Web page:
We sat down with one of our Co-Founder/Co-CEOs, Anthony Bearden, to talk about how he and Gary Pedroza came to form Monkeytag. We also get a look at the early days of the agency.
Ho did you and Gary first meet?
I met Gary and his wife Melissa at a bar in Uptown Dallas while watching the 2006 World Cup Finals together with a mutual friend. Over the following years, we didn’t hang out much, but now and then we would all get together and talk shop since we were designers who had similar passions for quality work.
What made you decide to go into business together?
It actually all started based on a couple of things. The Great Recession was leaving its impact on all of us, and it meant we had to seek out freelance opportunities where we could find them.
Gary and I decided our efforts would be greater if we combined forces on jobs to take on more and split the profits, which led to us collaborating at his house. One night, Melissa asked us if we’d consider ever going into business together by starting a company.
Was there a major catalyst to starting the agency?
For me, I had already quit my previous job in early 2010 since I was feeling burned out and knew sticking around during the recession would probably set me back rather than push me forward.
After we formed Monkeytag in July 2010, I leaped first since I was just doing contract work. Gary quit his job later that year once they began scaling back hours and work for their employees. Essentially the catalyst to start the company with a head-first approach was born out of a need to survive. The recession gave us the reason or purpose to seek out opportunities rather than wait for them to come to us.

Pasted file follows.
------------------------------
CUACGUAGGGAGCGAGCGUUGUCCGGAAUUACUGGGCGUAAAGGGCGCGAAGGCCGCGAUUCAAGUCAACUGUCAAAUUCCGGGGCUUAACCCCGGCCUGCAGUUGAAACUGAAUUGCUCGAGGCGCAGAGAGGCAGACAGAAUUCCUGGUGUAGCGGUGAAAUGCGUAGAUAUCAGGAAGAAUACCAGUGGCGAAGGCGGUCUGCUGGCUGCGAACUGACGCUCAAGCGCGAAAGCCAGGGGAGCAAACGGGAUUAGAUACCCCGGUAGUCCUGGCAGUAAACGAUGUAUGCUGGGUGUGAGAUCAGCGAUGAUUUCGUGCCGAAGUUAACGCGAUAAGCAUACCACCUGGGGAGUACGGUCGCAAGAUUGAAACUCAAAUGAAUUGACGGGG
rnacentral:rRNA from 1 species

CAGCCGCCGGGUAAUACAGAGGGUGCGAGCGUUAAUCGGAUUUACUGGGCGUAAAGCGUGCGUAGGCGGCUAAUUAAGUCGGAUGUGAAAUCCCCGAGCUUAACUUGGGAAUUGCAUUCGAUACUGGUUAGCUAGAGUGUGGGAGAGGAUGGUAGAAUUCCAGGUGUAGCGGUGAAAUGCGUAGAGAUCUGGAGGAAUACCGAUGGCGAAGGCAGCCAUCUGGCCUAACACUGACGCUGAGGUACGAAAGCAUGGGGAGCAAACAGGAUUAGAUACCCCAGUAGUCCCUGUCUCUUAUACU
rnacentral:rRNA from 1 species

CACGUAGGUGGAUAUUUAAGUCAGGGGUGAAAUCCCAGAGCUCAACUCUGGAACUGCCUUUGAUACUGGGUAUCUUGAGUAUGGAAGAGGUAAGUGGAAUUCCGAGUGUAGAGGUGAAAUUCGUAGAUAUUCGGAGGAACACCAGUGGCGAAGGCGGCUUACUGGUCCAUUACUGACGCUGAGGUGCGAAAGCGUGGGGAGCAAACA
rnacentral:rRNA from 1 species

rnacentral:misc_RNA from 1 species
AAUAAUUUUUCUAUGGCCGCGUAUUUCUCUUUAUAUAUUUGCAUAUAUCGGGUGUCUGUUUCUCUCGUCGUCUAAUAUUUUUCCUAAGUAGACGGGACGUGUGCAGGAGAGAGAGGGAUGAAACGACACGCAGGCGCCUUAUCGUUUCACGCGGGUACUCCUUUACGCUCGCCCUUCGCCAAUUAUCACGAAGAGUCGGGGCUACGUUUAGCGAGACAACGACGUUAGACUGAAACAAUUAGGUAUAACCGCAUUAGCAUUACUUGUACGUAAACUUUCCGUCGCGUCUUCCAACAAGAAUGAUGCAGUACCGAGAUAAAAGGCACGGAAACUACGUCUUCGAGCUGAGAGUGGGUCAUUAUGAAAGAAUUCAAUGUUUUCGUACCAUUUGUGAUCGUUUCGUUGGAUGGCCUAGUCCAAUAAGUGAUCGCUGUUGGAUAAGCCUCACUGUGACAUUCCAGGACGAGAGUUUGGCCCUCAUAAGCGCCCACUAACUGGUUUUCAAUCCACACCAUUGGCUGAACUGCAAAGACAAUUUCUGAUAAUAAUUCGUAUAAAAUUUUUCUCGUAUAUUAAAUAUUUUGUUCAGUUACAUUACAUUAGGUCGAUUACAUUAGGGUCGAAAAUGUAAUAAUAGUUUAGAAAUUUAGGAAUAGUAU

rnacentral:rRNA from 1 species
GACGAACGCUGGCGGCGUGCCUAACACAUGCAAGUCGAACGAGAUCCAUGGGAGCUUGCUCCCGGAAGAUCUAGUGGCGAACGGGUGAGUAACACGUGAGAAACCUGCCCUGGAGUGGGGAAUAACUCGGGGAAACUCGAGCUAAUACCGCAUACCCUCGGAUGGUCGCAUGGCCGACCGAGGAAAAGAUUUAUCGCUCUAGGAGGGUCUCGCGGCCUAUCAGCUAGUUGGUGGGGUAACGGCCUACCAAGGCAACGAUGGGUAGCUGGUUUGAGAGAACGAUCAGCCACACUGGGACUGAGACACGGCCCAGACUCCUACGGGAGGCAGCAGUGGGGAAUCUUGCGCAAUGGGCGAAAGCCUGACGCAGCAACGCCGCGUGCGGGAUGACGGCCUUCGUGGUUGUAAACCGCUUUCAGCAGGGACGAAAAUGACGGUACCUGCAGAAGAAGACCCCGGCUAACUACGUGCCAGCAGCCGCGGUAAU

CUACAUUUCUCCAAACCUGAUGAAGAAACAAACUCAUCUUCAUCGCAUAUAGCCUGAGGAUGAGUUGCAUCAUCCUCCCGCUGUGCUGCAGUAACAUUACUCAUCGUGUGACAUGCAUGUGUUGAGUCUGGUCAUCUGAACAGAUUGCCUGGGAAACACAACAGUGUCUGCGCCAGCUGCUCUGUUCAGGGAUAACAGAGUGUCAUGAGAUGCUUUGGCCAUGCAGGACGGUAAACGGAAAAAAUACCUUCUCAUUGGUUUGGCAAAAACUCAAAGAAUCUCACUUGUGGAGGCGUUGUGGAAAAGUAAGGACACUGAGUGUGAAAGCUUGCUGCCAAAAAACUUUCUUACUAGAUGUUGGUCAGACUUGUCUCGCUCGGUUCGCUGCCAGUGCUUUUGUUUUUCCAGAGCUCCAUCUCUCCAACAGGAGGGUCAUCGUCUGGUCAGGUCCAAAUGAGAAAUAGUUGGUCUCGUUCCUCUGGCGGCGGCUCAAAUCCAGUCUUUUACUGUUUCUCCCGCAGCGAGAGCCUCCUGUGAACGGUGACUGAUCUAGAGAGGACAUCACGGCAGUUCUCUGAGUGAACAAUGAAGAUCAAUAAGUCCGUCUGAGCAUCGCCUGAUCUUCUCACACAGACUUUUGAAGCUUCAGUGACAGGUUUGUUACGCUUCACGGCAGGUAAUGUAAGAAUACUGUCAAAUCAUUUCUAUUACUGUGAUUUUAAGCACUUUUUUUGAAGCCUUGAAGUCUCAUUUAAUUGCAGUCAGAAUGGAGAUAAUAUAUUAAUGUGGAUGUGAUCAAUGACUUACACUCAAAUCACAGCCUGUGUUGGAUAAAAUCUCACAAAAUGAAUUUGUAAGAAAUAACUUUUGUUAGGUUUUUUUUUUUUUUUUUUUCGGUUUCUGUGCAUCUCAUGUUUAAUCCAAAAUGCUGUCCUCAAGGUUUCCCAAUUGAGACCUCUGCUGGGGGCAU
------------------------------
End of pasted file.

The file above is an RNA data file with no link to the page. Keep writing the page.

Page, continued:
Where were you when you came up with the Monkeytag name?
We were actually both having a glass of wine on Gary’s front porch one night (sometime in June I think) talking about early ideas of what we wanted the company to represent in regards to our creative. We didn’t want to be traditional with just using our names because we wanted the agency name to invoke something more fueled by creative passion and have the ability to be its own standalone story. We started talking about the clever curiosity of monkeys and what fun stories we could tell there, and then one thing led to another to bring us to Monkeytag.
Can you tell us how you found your first office space?
We started making a LITTLE money by 2012 and wanted to find a CHEAP place where Gary and I could meet halfway between our homes to collaborate on projects. One day, Gary drove by a place in North Oak Cliff called The Hive, which turned out to be a co-op office location. The guy who ran it, Andrew Howard, told Gary he was out of space but did have a retrofitted Airstream right next to the building we could rent for $300/month. Gary called me immediately and said he had found the perfect office for us and wanted me to come look at it right away. Once I saw it, we were sold and had found our first official Monkeytag office location. It already had everything we needed; built-in office desks, storage, and AC.
When was the moment you both realized this was going to work?
It was a really rough go for the first couple of years. We worked on several one-off projects but had difficulty in securing consistent work. In 2013 we got our first break, collaborating with the Samsung Documentation team to design and write Quick Start Guide collateral for all of the carrier packaging. In 2014, we got another break by working with the Samsung Brand team to help them create screen assets. Then in 2015, we got our biggest break, teaming up with PMK*BNC to create all of the experiential collateral for Samsung events. Those consecutive wins over those 3 years helped set things in motion to allow us to begin to grow and find more opportunities.
What are your greatest hopes for the agency going into the next decade?
The greatest hope is that we could become a more recognizable force and resource when it comes to blending result-driven digital experiences with our creative abilities and problem-solving. Ideally, we would never be categorized as a niche agency, but instead, as an agency that constantly adapts and evolves its services/capabilities as the people within its walls adapt, learn, grow, and evolve as well. The greatest challenge (and opportunity) we have is to constantly learn and experiment with new things to expand on what we can provide to our clients.